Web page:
by John R. Fischer
, Senior Reporter | August 30, 2017
Full Maglev HeartMate 3 Left Ventricular
Abbott has launched its Full Maglev HeartMate 3 Left Ventricular Assist System in the U.S. for helping physicians manage patients with advanced heart failure, following FDA approval.
The pump will allow doctors to better assist patients who require short-term and hemodynamic support, such as in the form of transplants and myocardial recovery, and offers advanced features in the use of left ventricular assist device (LVAD) therapy.
“HeartMate 3 is the first commercially-approved implantable continuous flow LVAD to use Full MagLev (fully magnetically-levitated) Flow technology, which allows the device's rotor to be "suspended" by magnetic forces—rather than bearings—with the goal of being able to more gently pass the blood cells through the pump,” Kevin Bourque, divisional vice president of research and development for Abbott's Mechanical Circulatory Support portfolio, told HCB News. “The magnets keep the rotor in place by calibrating tens of thousands of times per second to ensure it stays suspended and centered within the pump, no matter the speed settings used by a physician. This ensures the pump is performing effectively while continuing to deliver the best patient therapy possible.”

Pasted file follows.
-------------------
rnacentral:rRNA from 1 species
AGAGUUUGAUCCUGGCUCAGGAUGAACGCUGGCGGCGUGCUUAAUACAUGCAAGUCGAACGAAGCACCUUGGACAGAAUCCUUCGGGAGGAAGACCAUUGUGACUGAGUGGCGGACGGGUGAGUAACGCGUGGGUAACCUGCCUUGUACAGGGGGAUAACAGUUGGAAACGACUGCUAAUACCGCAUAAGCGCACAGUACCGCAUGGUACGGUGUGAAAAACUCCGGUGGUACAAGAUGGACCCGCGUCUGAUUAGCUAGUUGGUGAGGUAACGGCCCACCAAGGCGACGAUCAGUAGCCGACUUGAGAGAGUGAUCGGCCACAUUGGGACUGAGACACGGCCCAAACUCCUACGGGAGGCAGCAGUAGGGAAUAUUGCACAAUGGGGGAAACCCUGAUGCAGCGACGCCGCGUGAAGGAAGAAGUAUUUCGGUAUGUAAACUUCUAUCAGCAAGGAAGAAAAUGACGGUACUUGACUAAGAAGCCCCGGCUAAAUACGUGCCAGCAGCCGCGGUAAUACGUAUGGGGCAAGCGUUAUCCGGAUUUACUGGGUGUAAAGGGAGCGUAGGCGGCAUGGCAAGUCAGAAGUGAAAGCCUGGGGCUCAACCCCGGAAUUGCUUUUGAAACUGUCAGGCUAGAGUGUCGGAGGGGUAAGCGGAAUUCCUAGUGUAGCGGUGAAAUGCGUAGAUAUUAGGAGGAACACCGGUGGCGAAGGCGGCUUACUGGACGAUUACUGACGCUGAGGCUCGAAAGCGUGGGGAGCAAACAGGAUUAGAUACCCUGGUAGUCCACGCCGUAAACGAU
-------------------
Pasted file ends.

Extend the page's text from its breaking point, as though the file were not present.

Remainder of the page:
The system is smaller than Abbott's HeartMate II, the most widely used LVAD in the world and the only pump on the market for people who are in need of long-term care but do not require a heart transplant. HeartMate 3 is designed specifically for short-term care and hemocompatability purposes and attaches to the patient's heart directly.
It uses Full Maglev technology to increase blood flow and is equipped with the widest pump pathway so that blood cells can flow through without being damaged. There is also a reduced risk of blood clot formation due to the system’s programmable “pulse” which prevents blood flow from becoming static.
Abbott is confident that with more research and increased awareness, HeartMate 3 could eventually become a standard option for supporting patients with advanced heart failure.
“There are thousands of advanced heart failure patients who would benefit from at least being made aware of the technology and that it could be an option for them,” said Bourque. “As the pioneers in LVAD therapy, we know what a long road it has been to get to this point, and we have made a lot of progress, but we still have work to do on building awareness around LVAD therapy.”
The system was approved for use in Europe in October 2015. It is currently under clinical study for its use in long-term care support.
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